Santorum: Obama DOJ favors 'pornographers over children'

Rick Santorum said that “America is suffering from a pandemic of harm from pornography,” and accused the Obama administration’s Justice Department of favoring “pornographers over children,” in a statement on his campaign website.

The former Pennsylvania senator argues that "current federal 'obscenity' laws prohibit distribution of hardcore [obscene] pornography on the Internet, on cable/satellite TV, on hotel/motel TV, in retail shops and through the mail or by common carrier."

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“The Obama administration has turned a blind eye to those who wish to preserve our culture from the scourge of pornography and has refused to enforce obscenity laws,” the statement read in part. “While the Obama Department of Justice seems to favor pornographers over children and families, that will change under a Santorum administration.”

Some argue that obscenity is a First Amendment issue and, often, it's the courts that determine whether something is obscene and violates the law.

Throughout the campaign, Santorum, a devoted Catholic, has touted his socially conservative positions.

He hasn't made any notable mention of the pornography issue on the campaign trail, and it's one of several position papers he's given on the issue section of his campaign website.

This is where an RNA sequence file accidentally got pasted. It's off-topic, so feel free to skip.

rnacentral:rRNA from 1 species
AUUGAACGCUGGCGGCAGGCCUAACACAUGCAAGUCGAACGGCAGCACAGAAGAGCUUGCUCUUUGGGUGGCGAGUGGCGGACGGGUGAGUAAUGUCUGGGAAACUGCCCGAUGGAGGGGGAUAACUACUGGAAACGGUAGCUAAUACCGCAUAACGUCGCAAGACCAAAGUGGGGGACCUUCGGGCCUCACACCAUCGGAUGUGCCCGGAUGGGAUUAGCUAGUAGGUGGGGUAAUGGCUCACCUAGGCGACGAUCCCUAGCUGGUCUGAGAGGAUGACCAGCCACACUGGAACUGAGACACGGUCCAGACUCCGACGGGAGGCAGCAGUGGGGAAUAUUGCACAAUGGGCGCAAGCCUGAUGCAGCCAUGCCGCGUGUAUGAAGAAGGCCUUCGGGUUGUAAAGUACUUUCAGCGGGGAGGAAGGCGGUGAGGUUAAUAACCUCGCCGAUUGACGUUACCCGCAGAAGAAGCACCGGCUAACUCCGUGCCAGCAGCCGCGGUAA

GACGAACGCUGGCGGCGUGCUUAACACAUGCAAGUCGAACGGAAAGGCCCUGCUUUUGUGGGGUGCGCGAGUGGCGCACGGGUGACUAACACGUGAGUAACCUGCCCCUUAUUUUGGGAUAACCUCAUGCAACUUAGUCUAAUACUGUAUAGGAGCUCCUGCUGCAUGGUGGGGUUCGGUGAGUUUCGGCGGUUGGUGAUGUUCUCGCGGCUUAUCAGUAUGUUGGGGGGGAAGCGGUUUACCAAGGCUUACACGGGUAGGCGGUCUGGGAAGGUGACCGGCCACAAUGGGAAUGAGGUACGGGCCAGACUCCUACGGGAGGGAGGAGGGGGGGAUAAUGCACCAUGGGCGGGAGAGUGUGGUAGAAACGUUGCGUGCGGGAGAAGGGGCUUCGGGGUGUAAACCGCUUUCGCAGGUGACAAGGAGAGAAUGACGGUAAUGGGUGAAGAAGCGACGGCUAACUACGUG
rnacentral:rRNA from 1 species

The statement on pornography did not have a timestamp, so it’s uncertain when it was released.

“A wealth of research is now available demonstrating that pornography causes profound brain changes in both children and adults, resulting in widespread negative consequences,” the statement noted. “Addiction to pornography is now common for adults and even for some children. The average age of first exposure to hardcore Internet pornography is now 11. Pornography is toxic to marriages and relationships. It contributes to misogyny and violence against women. It is a contributing factor to prostitution and sex trafficking.”

The statement said that if elected, Santorum would appoint an attorney general who would vigorously enforce federal obscenity laws.

The Justice Department did not immediately respond to a request for comment.